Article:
Curious about VNAs at the affordable end of the spectrum? We took a look at the TinyVNA, which while it is something of a toy is still good enough for lower frequency measurements.
There was a time when a Vector Network Analyser or VNA was the type of instrument that cost as much as a very fancy car or even a small house. The advent of commodity semiconductors that perform at high RF frequencies coupled with microcontrollers powerful enough to handle the data acquisition and processing might not yet have put those high-perfomance instruments within reach, but at our end of the market it’s opened the possibilities for some useful yet affordable devices. A fresh contender comes from [Jankae], whose LibreVNA tops out at 6 GHz and shows some significant attention to design detail that puts it above some of the budget offerings.
At its heart is the versatile Si5351 multi-way clock generator, accompanied by a pair of MAX2871 phase-locked-loop chips for the higher frequency local oscillators. A switched bank of low-pass filters take care of local oscillator harmonics, and in the receive chain there are ADL5081 mixers feeding a dual conversion IF running at 70 MHz and then 300 kHz. Finally the ADCs are Microchip’s MCP3313, and all is kept in sync by an FPGA and an STM32G431 microcontroller. The main data proccessing is offloaded to a host computer, with a software package and GUI able to be compiled on Windows, Linux, and OSX.
The PCB shows the attention to detail, not least in the power supply arrangements, with every major component receiving its own regulator to ensure no RF makes it down the power rails. It’s clear that a properly made LibreVNA won’t be as cheap as some of its rivals, but we think the corresponding performance hike would make the extra cost worthwhile.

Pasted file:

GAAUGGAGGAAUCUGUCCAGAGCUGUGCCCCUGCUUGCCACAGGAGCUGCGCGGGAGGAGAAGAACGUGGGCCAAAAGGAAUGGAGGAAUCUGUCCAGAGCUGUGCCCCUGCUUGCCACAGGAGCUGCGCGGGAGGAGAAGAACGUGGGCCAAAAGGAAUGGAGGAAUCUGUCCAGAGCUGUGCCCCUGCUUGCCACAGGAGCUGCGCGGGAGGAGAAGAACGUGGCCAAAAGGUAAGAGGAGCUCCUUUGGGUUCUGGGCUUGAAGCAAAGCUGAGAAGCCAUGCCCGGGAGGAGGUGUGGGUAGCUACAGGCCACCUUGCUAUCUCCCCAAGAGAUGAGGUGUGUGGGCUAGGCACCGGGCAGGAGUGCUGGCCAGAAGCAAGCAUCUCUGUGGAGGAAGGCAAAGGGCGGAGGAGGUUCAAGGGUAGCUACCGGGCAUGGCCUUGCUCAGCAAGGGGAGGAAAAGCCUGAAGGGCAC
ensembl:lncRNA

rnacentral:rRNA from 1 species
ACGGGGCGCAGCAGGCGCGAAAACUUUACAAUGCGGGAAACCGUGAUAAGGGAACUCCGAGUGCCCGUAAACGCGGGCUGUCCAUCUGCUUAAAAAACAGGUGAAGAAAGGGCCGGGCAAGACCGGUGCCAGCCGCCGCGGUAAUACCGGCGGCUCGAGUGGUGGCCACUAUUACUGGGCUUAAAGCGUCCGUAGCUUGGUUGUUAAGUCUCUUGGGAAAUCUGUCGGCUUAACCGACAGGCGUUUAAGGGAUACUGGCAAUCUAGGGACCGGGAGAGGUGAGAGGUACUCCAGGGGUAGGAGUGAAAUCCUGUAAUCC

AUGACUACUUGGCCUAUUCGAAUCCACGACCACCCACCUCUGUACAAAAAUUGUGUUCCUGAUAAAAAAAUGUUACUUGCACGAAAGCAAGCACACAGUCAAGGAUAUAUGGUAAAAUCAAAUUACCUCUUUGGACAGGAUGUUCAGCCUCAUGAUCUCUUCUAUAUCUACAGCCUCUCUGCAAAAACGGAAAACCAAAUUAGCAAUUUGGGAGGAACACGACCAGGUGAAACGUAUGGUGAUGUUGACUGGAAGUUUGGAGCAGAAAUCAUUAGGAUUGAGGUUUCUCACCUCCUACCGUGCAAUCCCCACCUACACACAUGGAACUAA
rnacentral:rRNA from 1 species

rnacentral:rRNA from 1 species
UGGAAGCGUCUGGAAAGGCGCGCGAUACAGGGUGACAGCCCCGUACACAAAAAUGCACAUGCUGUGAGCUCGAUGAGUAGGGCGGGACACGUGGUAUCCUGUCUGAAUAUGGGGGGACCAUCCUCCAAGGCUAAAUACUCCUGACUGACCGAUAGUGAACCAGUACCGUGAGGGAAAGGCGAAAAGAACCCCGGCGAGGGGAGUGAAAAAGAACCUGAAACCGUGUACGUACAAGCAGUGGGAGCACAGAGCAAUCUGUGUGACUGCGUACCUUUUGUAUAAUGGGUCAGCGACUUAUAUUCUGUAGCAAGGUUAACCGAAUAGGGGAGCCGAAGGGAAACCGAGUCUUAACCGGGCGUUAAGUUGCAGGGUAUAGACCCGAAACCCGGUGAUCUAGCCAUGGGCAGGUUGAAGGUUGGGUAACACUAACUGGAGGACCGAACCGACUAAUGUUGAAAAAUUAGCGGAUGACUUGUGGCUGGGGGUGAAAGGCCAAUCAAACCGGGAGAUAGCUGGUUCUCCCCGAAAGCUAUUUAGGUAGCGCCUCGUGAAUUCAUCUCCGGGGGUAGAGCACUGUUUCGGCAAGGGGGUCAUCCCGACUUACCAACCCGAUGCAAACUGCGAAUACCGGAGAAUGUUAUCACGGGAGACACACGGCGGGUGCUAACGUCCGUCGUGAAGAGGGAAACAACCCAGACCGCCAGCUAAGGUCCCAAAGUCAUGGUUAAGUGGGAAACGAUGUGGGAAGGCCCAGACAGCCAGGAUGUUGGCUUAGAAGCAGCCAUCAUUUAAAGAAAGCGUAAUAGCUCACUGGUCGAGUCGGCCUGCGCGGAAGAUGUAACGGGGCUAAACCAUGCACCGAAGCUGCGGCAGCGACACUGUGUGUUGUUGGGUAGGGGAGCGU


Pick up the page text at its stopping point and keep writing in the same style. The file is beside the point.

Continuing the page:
We live in a good time to be an electronics geek. It used to be only the richest or shrewdest among us had a really good oscilloscope, while these days it is entirely feasible to have a scope that would have cost a fortune a few decades ago, a logic analyzer, arbitrary waveform generator, and what would have once been a supercomputer and still not be in debt. One of the cooler pieces of gear for people working on RF electronics is a vector network analyzer (VNA) which used to be exotic, but now can be bought for very little. But what do you do with it? [W2AEW] has the answer.
We always look forward to a video from [W2AEW]. Even if we know about the subject he covers, we usually pick up something new or interesting. Like all of his videos, this one is intensely practical. Not a lot of drawing but plenty of scope shots and experimenting.
It’s never too late in life for new experiences, but there’s a new experience I had a few weeks ago that I wasn’t expecting. I probably received my first piece of test equipment – a multimeter – in the early 1980s, and since then every time I’ve received a new one, whether an oscilloscope, logic analyser, spectrum analyser or signal generator, I’ve been able to figure out how to use it. I have a good idea what it does, and I can figure out whatever its interface may be to make it do what I want it to. My new experience came when I bought a piece of test equipment, and for the first time in my life didn’t have a clue how to use it.
That instrument is a Vector Network Analyser, or VNA, and it’s worth spending a while going through the basics in case anyone else is in the same position. My VNA is not a superlative piece of high-end instrumentation that cost the GDP of a small country, it’s the popular $50 NanoVNA that has a fairly modest frequency range and performance, but is still a functional VNA that can take useful measurements. But I’m a VNA newbie, what does a VNA do? Continue reading “So. You Bought A VNA. Now What?”→